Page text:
Findings from the report point to rising prices in hubs throughout the country; particularly, in Ontario and Quebec. According to the numbers, the median price per square foot of condos sold in the Greater Toronto Area rose 9.1 per cent (to $743/sq. ft.) since the same period last year. Meanwhile, the Greater Ottawa condo price per square foot appreciated the fastest among Canada’s largest markets, rising 17.9 per cent year-over-year to $395; while prices in Greater Montreal Area rose double-digits year-over-year, increasing 10.3 per cent to $362.
“In Canada’s largest cities, many younger buyers searching for affordability and baby boomers looking for maintenance-free living purchase condominiums. Not surprisingly, that strong demand has pushed up the price per square foot, with the exception of Vancouver and Calgary,” said Phil Soper, president and CEO, Royal LePage. “Buyers are adapting by purchasing smaller units, especially among those looking for entry-level properties.”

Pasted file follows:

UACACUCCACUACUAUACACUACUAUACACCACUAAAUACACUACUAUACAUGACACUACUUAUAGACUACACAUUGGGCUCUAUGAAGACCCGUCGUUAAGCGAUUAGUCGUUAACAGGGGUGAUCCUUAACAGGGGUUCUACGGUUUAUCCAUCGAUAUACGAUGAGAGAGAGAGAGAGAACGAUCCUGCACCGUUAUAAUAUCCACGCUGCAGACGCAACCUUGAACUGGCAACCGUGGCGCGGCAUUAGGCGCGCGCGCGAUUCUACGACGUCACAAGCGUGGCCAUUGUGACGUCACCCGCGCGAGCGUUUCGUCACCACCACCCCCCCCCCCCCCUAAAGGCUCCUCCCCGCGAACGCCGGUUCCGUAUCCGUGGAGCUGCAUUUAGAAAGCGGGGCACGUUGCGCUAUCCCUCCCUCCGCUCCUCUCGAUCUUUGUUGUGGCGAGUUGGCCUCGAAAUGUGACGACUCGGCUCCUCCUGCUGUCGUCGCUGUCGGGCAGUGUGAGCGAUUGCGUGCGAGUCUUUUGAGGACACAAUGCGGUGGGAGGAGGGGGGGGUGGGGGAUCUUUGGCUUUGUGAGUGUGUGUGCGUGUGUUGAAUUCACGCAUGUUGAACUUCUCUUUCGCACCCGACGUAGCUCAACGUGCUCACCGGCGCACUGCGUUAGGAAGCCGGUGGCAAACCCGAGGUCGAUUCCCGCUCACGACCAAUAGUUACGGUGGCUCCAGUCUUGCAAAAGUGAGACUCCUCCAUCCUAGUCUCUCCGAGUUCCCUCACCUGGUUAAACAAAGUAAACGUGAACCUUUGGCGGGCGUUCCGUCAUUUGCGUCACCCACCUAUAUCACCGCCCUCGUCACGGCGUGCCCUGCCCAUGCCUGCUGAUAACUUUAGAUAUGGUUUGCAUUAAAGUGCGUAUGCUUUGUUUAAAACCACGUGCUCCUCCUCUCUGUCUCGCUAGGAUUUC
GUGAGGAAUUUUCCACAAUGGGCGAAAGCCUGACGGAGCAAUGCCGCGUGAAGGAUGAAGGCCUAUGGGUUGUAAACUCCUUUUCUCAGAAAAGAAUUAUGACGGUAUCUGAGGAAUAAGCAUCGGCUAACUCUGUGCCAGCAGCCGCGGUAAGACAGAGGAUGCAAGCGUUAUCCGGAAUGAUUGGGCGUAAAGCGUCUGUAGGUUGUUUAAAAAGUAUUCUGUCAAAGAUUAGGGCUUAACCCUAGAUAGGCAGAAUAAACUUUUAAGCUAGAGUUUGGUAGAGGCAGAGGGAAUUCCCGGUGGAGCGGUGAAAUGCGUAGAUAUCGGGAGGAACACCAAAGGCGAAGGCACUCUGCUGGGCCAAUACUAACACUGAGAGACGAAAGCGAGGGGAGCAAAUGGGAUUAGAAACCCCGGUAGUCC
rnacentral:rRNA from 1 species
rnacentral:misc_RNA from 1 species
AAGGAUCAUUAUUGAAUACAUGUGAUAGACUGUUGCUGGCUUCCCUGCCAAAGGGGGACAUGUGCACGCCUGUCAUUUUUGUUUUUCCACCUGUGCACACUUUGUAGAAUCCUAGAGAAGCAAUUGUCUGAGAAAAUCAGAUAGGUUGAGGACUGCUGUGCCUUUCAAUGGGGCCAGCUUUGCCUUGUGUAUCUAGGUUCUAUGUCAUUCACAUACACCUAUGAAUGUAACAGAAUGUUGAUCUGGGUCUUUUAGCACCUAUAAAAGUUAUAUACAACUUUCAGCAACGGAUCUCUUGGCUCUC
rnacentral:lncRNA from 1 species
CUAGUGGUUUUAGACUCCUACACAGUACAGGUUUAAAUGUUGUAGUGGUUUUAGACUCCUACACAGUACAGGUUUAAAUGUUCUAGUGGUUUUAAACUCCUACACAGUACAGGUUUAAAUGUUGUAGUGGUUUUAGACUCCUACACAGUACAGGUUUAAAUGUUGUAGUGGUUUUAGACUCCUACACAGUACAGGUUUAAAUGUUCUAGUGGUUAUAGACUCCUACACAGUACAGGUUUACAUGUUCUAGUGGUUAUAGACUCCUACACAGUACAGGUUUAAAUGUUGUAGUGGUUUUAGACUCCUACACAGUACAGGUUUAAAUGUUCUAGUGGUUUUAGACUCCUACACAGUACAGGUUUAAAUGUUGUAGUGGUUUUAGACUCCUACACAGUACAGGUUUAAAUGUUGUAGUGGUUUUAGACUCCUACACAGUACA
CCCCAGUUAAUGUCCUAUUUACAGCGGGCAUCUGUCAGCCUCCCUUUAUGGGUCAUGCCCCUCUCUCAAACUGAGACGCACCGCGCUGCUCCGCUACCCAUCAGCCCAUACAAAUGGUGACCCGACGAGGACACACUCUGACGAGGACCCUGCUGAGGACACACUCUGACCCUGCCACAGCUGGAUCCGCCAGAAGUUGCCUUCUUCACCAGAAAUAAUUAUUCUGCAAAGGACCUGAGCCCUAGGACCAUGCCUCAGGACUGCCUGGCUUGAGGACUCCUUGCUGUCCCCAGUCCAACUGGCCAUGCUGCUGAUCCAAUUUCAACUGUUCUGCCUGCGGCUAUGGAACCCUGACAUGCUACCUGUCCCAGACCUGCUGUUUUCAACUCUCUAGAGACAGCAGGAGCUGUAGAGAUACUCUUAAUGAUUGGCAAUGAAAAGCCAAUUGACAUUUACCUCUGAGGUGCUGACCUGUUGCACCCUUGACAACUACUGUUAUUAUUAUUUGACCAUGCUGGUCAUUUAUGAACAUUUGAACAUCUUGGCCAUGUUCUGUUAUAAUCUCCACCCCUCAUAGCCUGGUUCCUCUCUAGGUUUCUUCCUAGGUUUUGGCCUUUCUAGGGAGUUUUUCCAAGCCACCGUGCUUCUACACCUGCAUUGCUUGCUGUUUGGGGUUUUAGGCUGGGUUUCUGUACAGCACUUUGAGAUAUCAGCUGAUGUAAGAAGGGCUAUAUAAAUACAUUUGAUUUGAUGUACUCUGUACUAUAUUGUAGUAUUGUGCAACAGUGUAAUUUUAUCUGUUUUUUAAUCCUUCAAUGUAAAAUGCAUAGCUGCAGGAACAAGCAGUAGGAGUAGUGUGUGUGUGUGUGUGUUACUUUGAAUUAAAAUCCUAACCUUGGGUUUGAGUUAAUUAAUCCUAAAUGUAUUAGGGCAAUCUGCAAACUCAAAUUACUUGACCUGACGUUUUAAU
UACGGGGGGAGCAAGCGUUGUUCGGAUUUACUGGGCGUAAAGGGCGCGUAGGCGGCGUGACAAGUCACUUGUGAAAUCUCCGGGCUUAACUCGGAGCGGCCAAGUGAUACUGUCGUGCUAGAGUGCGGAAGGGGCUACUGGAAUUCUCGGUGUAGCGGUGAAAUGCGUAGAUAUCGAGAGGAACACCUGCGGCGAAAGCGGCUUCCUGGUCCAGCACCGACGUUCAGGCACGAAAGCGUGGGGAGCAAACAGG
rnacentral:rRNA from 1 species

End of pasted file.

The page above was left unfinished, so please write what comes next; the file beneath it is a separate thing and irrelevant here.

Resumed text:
Prices have softened in the Greater Vancouver Area, where the median condo price per square foot declined by 8.3 per cent to $764 – the most of any major market in the country. Despite the drop, the price per square foot in Vancouver remains the highest in Canada.
Elsewhere in Canada, median condo prices also dipped in Calgary by 67 per cent to $313/sq.ft., making the Albertan destination the most friendly for potential condo owners.
“Calgary condominiums offer the best value in Canada’s major markets,” said Soper. “It is no wonder that the city vaulted to number four in The Economist’s ranking of the World’s Most Livable Cities.”
As for where condo buyers can get the most space for the buck, Royal LePage reports that Montreal and the Greater Montreal Area offer the largest median condominium living space at 944 square feet and 989 square feet, respectively. In contrast, the Quebec locales offer 25.5 per cent and 21.0 per cent more condo square footage than Toronto and Vancouver, respectively.
Except for Vancouver, the median price per square foot for condos is higher than single-family detached homes across all the markets covered by the study.
Written by: Remi Network